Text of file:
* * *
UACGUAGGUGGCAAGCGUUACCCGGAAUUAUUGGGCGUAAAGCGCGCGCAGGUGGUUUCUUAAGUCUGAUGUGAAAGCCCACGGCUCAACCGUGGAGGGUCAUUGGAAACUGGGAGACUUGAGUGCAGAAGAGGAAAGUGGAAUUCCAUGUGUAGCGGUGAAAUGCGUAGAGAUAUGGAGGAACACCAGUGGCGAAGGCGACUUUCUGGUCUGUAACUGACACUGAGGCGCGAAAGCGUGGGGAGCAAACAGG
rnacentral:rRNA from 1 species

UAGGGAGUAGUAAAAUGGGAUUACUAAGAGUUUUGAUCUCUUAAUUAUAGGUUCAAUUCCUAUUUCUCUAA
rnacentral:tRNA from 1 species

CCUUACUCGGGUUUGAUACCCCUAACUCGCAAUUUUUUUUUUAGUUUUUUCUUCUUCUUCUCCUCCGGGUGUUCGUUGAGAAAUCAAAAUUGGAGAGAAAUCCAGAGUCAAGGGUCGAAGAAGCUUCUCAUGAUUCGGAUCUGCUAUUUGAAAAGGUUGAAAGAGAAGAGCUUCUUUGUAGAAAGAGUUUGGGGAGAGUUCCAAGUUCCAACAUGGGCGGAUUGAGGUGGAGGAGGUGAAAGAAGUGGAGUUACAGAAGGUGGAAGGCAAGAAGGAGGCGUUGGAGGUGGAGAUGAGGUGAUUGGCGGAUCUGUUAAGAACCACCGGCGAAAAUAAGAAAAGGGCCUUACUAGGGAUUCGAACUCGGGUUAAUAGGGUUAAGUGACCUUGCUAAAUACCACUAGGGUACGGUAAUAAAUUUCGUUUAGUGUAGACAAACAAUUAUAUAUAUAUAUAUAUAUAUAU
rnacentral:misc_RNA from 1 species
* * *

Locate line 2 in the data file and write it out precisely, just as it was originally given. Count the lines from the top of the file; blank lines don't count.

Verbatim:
rnacentral:rRNA from 1 species